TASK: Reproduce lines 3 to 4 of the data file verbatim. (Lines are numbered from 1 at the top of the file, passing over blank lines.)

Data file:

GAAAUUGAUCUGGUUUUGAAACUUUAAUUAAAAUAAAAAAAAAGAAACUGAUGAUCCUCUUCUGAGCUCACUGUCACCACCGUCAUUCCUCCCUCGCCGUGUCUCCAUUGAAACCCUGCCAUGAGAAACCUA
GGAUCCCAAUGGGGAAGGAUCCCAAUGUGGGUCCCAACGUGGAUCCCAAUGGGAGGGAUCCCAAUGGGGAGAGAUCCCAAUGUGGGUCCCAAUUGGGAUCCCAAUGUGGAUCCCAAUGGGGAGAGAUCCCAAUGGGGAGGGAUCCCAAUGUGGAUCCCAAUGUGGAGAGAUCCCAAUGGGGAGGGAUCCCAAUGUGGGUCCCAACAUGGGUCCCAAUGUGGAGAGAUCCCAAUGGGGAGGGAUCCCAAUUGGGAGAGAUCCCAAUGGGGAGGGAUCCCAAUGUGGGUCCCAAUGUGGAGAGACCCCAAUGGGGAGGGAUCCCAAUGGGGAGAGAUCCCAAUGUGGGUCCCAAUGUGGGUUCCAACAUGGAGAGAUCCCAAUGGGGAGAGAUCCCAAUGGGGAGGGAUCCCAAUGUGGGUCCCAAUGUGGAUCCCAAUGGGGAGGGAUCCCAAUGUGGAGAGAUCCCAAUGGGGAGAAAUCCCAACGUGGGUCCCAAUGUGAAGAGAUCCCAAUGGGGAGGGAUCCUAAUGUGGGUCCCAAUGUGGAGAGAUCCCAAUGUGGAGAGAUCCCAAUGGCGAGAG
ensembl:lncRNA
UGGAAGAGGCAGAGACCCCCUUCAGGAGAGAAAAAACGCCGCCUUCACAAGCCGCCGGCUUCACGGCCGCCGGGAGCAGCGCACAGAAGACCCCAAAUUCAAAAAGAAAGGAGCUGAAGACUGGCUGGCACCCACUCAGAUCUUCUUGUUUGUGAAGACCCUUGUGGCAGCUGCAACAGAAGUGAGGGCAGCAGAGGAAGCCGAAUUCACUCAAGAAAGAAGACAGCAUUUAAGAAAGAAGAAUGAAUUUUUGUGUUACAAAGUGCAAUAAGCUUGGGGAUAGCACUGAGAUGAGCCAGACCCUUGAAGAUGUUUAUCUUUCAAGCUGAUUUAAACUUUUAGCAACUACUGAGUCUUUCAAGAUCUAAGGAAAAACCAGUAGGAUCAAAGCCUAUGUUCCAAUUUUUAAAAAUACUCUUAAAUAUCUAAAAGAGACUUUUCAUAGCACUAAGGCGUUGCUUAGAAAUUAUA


ensembl:lncRNA
UGGAAGAGGCAGAGACCCCCUUCAGGAGAGAAAAAACGCCGCCUUCACAAGCCGCCGGCUUCACGGCCGCCGGGAGCAGCGCACAGAAGACCCCAAAUUCAAAAAGAAAGGAGCUGAAGACUGGCUGGCACCCACUCAGAUCUUCUUGUUUGUGAAGACCCUUGUGGCAGCUGCAACAGAAGUGAGGGCAGCAGAGGAAGCCGAAUUCACUCAAGAAAGAAGACAGCAUUUAAGAAAGAAGAAUGAAUUUUUGUGUUACAAAGUGCAAUAAGCUUGGGGAUAGCACUGAGAUGAGCCAGACCCUUGAAGAUGUUUAUCUUUCAAGCUGAUUUAAACUUUUAGCAACUACUGAGUCUUUCAAGAUCUAAGGAAAAACCAGUAGGAUCAAAGCCUAUGUUCCAAUUUUUAAAAAUACUCUUAAAUAUCUAAAAGAGACUUUUCAUAGCACUAAGGCGUUGCUUAGAAAUUAUA